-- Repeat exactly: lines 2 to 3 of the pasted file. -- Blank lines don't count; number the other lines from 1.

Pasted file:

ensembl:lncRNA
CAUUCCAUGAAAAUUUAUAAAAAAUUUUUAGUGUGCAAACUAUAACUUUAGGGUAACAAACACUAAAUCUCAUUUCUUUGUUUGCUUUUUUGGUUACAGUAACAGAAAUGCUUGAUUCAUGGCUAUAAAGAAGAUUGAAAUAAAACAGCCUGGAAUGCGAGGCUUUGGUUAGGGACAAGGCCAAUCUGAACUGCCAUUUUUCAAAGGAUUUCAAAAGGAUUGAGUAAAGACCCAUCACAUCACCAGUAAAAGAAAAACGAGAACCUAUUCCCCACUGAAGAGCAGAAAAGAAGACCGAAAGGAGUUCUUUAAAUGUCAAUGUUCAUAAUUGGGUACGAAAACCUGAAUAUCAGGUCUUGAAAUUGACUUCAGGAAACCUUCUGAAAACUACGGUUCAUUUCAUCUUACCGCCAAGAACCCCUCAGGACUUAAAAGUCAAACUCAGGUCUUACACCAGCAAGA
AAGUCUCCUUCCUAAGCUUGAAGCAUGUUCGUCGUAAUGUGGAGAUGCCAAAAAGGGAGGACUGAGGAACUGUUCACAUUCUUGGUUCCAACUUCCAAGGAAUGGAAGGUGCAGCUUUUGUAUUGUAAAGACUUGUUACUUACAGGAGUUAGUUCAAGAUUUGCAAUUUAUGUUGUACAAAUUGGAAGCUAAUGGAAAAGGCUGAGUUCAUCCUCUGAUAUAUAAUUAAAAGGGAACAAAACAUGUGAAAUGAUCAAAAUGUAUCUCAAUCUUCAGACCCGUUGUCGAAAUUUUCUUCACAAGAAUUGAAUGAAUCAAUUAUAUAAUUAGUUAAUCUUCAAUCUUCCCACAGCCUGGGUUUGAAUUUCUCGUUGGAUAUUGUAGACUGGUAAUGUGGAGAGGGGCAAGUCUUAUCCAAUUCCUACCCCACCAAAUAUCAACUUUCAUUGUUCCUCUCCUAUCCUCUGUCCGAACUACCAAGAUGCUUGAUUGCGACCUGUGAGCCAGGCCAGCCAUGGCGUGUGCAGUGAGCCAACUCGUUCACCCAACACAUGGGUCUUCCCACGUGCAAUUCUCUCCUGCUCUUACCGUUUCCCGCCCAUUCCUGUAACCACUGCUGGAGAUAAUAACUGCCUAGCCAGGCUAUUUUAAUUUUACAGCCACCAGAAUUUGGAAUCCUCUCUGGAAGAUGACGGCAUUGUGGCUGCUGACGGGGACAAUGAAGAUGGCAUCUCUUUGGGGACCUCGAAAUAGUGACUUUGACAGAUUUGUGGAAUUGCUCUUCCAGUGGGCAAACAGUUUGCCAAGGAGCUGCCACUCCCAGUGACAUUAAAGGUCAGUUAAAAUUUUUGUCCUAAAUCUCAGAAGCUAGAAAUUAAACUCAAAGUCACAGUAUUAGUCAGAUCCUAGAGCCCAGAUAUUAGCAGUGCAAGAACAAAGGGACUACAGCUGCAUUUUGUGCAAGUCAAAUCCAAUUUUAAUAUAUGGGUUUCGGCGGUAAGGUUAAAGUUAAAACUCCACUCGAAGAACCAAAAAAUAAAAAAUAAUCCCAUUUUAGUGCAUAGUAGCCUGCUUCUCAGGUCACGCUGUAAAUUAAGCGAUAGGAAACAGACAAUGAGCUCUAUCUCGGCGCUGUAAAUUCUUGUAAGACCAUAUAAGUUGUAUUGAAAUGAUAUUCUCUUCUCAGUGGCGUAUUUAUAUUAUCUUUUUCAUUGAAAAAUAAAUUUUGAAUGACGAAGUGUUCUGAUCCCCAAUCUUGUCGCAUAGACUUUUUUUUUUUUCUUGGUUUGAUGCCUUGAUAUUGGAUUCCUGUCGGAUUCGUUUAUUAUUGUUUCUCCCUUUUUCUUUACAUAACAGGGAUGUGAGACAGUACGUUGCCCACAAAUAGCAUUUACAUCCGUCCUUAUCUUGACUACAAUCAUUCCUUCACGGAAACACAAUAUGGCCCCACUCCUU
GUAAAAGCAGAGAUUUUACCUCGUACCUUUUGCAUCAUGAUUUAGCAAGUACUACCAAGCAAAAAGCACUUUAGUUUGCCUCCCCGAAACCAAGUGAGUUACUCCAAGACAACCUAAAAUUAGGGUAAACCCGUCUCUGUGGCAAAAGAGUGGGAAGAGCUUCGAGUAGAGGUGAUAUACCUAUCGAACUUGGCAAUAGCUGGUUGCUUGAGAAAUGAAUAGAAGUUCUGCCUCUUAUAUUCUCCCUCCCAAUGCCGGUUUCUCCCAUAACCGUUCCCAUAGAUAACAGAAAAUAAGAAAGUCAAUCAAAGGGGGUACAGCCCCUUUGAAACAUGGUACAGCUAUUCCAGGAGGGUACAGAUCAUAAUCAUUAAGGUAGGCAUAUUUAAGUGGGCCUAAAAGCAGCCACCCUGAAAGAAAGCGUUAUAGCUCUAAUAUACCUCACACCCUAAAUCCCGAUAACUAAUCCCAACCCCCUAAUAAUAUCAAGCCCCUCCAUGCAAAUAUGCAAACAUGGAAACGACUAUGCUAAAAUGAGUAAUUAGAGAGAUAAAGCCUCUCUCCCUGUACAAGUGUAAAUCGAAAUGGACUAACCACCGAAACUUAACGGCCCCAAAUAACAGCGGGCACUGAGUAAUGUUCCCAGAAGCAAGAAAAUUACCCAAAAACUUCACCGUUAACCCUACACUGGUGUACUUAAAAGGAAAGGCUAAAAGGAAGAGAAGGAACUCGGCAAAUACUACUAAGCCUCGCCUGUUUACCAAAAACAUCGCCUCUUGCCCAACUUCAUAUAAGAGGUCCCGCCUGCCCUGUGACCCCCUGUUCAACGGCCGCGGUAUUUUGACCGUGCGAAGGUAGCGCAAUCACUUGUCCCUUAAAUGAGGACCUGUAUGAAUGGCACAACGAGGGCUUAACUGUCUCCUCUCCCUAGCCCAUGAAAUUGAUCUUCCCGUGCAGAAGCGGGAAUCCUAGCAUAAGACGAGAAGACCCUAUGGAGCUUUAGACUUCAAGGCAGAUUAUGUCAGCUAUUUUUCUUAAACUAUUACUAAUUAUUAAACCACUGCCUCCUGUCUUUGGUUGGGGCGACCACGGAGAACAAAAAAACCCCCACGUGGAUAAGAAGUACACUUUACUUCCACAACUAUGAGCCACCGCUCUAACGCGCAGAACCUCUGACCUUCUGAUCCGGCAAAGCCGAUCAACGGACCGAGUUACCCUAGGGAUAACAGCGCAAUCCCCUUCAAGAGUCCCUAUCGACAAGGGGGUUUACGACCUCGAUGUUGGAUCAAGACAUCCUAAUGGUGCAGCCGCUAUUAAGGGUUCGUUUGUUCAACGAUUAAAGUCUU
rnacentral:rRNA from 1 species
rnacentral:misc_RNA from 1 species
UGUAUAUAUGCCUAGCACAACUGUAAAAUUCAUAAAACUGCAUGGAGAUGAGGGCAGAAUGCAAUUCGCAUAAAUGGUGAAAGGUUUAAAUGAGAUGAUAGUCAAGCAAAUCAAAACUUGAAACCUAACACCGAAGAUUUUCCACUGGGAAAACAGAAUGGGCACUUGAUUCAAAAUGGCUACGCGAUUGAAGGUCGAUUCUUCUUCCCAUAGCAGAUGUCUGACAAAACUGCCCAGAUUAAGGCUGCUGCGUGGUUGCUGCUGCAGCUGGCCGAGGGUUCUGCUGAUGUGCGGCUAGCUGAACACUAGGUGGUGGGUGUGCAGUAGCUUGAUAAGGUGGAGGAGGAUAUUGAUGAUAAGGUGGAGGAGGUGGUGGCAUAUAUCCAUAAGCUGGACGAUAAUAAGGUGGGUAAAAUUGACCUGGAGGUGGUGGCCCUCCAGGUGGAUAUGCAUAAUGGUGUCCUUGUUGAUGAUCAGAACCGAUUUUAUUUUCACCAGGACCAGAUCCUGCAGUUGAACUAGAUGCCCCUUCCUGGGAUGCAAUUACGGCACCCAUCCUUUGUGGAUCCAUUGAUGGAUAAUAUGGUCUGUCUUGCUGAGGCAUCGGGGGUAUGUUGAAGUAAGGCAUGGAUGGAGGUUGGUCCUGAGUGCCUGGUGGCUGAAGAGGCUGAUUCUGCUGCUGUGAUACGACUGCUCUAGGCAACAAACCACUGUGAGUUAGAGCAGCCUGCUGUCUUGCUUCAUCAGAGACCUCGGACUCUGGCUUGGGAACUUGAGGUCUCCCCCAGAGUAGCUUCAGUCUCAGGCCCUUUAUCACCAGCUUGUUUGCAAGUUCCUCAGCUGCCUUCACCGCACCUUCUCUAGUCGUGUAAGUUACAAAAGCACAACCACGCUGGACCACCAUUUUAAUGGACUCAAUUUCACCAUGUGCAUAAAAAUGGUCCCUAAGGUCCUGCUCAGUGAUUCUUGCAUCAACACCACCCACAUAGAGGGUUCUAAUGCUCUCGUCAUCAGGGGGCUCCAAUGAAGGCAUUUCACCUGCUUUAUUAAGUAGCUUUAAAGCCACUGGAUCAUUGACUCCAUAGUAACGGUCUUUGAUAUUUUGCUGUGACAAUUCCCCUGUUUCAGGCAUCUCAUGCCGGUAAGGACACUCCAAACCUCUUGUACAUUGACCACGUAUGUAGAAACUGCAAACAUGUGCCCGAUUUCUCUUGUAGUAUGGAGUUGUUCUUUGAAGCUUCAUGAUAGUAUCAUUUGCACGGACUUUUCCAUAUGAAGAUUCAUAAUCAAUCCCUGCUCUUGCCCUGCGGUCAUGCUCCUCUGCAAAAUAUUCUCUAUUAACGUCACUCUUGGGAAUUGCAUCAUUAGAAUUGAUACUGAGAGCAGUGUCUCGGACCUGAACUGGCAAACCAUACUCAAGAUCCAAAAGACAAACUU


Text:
CAUUCCAUGAAAAUUUAUAAAAAAUUUUUAGUGUGCAAACUAUAACUUUAGGGUAACAAACACUAAAUCUCAUUUCUUUGUUUGCUUUUUUGGUUACAGUAACAGAAAUGCUUGAUUCAUGGCUAUAAAGAAGAUUGAAAUAAAACAGCCUGGAAUGCGAGGCUUUGGUUAGGGACAAGGCCAAUCUGAACUGCCAUUUUUCAAAGGAUUUCAAAAGGAUUGAGUAAAGACCCAUCACAUCACCAGUAAAAGAAAAACGAGAACCUAUUCCCCACUGAAGAGCAGAAAAGAAGACCGAAAGGAGUUCUUUAAAUGUCAAUGUUCAUAAUUGGGUACGAAAACCUGAAUAUCAGGUCUUGAAAUUGACUUCAGGAAACCUUCUGAAAACUACGGUUCAUUUCAUCUUACCGCCAAGAACCCCUCAGGACUUAAAAGUCAAACUCAGGUCUUACACCAGCAAGA
AAGUCUCCUUCCUAAGCUUGAAGCAUGUUCGUCGUAAUGUGGAGAUGCCAAAAAGGGAGGACUGAGGAACUGUUCACAUUCUUGGUUCCAACUUCCAAGGAAUGGAAGGUGCAGCUUUUGUAUUGUAAAGACUUGUUACUUACAGGAGUUAGUUCAAGAUUUGCAAUUUAUGUUGUACAAAUUGGAAGCUAAUGGAAAAGGCUGAGUUCAUCCUCUGAUAUAUAAUUAAAAGGGAACAAAACAUGUGAAAUGAUCAAAAUGUAUCUCAAUCUUCAGACCCGUUGUCGAAAUUUUCUUCACAAGAAUUGAAUGAAUCAAUUAUAUAAUUAGUUAAUCUUCAAUCUUCCCACAGCCUGGGUUUGAAUUUCUCGUUGGAUAUUGUAGACUGGUAAUGUGGAGAGGGGCAAGUCUUAUCCAAUUCCUACCCCACCAAAUAUCAACUUUCAUUGUUCCUCUCCUAUCCUCUGUCCGAACUACCAAGAUGCUUGAUUGCGACCUGUGAGCCAGGCCAGCCAUGGCGUGUGCAGUGAGCCAACUCGUUCACCCAACACAUGGGUCUUCCCACGUGCAAUUCUCUCCUGCUCUUACCGUUUCCCGCCCAUUCCUGUAACCACUGCUGGAGAUAAUAACUGCCUAGCCAGGCUAUUUUAAUUUUACAGCCACCAGAAUUUGGAAUCCUCUCUGGAAGAUGACGGCAUUGUGGCUGCUGACGGGGACAAUGAAGAUGGCAUCUCUUUGGGGACCUCGAAAUAGUGACUUUGACAGAUUUGUGGAAUUGCUCUUCCAGUGGGCAAACAGUUUGCCAAGGAGCUGCCACUCCCAGUGACAUUAAAGGUCAGUUAAAAUUUUUGUCCUAAAUCUCAGAAGCUAGAAAUUAAACUCAAAGUCACAGUAUUAGUCAGAUCCUAGAGCCCAGAUAUUAGCAGUGCAAGAACAAAGGGACUACAGCUGCAUUUUGUGCAAGUCAAAUCCAAUUUUAAUAUAUGGGUUUCGGCGGUAAGGUUAAAGUUAAAACUCCACUCGAAGAACCAAAAAAUAAAAAAUAAUCCCAUUUUAGUGCAUAGUAGCCUGCUUCUCAGGUCACGCUGUAAAUUAAGCGAUAGGAAACAGACAAUGAGCUCUAUCUCGGCGCUGUAAAUUCUUGUAAGACCAUAUAAGUUGUAUUGAAAUGAUAUUCUCUUCUCAGUGGCGUAUUUAUAUUAUCUUUUUCAUUGAAAAAUAAAUUUUGAAUGACGAAGUGUUCUGAUCCCCAAUCUUGUCGCAUAGACUUUUUUUUUUUUCUUGGUUUGAUGCCUUGAUAUUGGAUUCCUGUCGGAUUCGUUUAUUAUUGUUUCUCCCUUUUUCUUUACAUAACAGGGAUGUGAGACAGUACGUUGCCCACAAAUAGCAUUUACAUCCGUCCUUAUCUUGACUACAAUCAUUCCUUCACGGAAACACAAUAUGGCCCCACUCCUU